london London Now

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Music May 23, 2008 By Aimee Fountain
green Al Green
Blue Note Records

al title Al Green

Al Green’s Lay It Down is an eleven-song sermon, preaching love without sounding preachy. While resurrecting his signature old-school R&B sound marked by joyful horns, quiet beats, and his wide-ranging but always smooth vocals, Green has injected a bit of hip-hop swagger into his latest album. This is due, no doubt, to slick co-production by the Roots’ ?uestlove Thompson and James Poyser. The best moments of Lay It Down achieve a seamless mix of classic and current by sharing the vocal limelight with co-conspirators and fans including John Legend, Corinne Bailey Rae, and Anthony Hamilton. Unquestionably, Green still has more love to spread.

Greenspace May 22, 2008 By Tara Ramroop

greenowl Green Music?greenowl title Green Music?

Musicians including Ben Brewer, Feist, and The Citizens Band are putting their money where their mouths are with respect to making the music industry a greener place to be. And they’re doing so (perhaps ingeniously) by using music as a gateway for youth interested in helping the environment. Green Owl, a new label out of New York City run by Brewer, fellow Appletrees member Ellenike Abreu, and Steven Clicken, released its first LP, The Green Owl Comp in April. The two-disc CD/DVD is a benefit record for the Energy Action Coalition, a nonprofit that supports the youth clean-energy movement. All proceeds will go to the coalition.

Music May 21, 2008 By Marisa Olson
dance Gang Gang Dance
Photography by Noel Spirandelli

dance title1 Gang Gang Dance

New York-based experimental band Gang Gang Dance are often described as “neo-primitive” or “neo-tribal”, but then again, so was starkly edged modern art. These descriptors apply only insofar as the band’s music can be trance-inducing. Indeed, despite the fact that members Lizzi Bougatsos, Brian DeGraw, Tim Dewitt, Josh Diamond, and Nathan Maddox have all the loud beats of a rock and roll band and all the good looks expected of rock stars, there’s something about watching them that makes the eyes roll back and the mind glaze over.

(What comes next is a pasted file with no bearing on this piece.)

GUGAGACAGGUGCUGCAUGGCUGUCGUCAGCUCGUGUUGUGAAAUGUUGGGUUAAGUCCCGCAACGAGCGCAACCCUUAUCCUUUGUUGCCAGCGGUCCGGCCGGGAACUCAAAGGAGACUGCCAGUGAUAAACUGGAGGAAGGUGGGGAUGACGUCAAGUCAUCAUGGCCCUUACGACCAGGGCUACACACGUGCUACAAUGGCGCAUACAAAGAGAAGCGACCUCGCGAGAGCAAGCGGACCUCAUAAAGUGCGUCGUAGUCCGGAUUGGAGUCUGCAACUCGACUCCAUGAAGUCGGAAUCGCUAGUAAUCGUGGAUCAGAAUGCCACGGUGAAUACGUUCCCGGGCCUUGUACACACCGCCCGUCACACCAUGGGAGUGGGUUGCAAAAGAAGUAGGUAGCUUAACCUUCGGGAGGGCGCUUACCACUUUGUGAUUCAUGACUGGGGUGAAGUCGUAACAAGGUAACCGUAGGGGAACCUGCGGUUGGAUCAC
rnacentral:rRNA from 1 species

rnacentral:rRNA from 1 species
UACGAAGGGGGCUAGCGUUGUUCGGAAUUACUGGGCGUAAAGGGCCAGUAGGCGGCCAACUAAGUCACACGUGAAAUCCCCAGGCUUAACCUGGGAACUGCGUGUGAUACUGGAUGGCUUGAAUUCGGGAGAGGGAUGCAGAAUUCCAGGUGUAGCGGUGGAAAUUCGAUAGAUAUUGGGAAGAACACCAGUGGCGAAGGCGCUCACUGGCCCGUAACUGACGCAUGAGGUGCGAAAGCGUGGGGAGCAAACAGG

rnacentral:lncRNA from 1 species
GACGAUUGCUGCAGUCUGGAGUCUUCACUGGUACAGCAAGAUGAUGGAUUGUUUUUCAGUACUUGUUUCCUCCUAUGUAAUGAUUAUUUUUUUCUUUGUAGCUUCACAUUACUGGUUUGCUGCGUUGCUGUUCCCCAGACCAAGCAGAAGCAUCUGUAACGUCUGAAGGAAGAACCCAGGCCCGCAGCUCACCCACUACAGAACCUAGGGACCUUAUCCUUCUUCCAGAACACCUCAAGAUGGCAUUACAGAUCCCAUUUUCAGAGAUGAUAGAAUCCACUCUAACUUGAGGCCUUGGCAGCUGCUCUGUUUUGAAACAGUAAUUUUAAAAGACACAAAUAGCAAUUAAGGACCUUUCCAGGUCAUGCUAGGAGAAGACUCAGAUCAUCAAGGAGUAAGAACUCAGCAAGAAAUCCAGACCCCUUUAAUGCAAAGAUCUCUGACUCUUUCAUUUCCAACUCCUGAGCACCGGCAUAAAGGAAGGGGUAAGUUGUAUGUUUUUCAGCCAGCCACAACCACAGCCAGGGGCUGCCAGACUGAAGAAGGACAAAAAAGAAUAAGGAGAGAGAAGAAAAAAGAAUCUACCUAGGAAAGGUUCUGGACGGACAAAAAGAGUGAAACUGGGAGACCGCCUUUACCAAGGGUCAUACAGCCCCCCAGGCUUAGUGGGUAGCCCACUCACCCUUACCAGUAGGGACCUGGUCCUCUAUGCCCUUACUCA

Though make no mistake, they are not the live equivalent of your high school rave mix. Theirs is a trance for the robot set: for people on the go in a high-tech society, to whom the electronic drone that envelops lead singer Lizzi Bougatsos’ voice is a natural language. These are people who can’t help but connect to and be lulled by the band’s aggressive mixing and their stroboscopic waxing and waning of reverb that works like the blades of a fan spinning so fast as to give the illusion of stasis. Each of the group’s more highly orchestrated song elements tends to be punctuated by these cascading jam breaks.

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Design May 20, 2008 By Valerie Palmer
ford Ford Brady
Photography Courtesy of FordBrady

ford title Ford Brady